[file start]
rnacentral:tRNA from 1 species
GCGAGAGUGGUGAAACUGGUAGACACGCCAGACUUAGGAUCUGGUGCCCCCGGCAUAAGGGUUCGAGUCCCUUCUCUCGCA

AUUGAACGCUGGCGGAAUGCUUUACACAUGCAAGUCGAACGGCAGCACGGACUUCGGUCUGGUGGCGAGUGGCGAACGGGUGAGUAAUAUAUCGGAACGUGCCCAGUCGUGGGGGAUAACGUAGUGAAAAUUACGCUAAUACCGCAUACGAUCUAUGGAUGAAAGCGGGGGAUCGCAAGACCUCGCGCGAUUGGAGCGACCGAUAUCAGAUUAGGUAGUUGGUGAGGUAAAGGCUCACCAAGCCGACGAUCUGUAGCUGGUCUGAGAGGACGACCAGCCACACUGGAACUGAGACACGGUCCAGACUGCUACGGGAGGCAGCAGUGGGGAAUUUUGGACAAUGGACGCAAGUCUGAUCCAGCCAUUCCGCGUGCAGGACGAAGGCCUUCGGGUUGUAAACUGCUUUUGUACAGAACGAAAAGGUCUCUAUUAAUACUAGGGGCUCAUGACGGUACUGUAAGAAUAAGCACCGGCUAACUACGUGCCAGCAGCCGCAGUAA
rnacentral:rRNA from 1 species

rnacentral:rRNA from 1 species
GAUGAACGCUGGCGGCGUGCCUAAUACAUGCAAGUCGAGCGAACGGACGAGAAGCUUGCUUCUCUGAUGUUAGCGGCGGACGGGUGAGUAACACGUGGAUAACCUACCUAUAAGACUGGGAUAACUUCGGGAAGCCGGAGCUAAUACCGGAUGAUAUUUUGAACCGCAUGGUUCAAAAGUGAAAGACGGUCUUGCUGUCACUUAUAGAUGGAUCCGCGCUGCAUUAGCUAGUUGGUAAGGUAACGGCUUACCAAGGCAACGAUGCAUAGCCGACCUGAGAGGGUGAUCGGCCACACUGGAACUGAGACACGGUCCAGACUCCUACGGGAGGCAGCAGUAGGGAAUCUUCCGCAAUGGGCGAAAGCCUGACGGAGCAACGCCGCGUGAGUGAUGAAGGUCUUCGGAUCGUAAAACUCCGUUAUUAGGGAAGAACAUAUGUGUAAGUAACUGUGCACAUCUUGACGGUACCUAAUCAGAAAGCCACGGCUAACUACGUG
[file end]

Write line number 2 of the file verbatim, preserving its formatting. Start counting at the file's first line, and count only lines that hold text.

GCGAGAGUGGUGAAACUGGUAGACACGCCAGACUUAGGAUCUGGUGCCCCCGGCAUAAGGGUUCGAGUCCCUUCUCUCGCA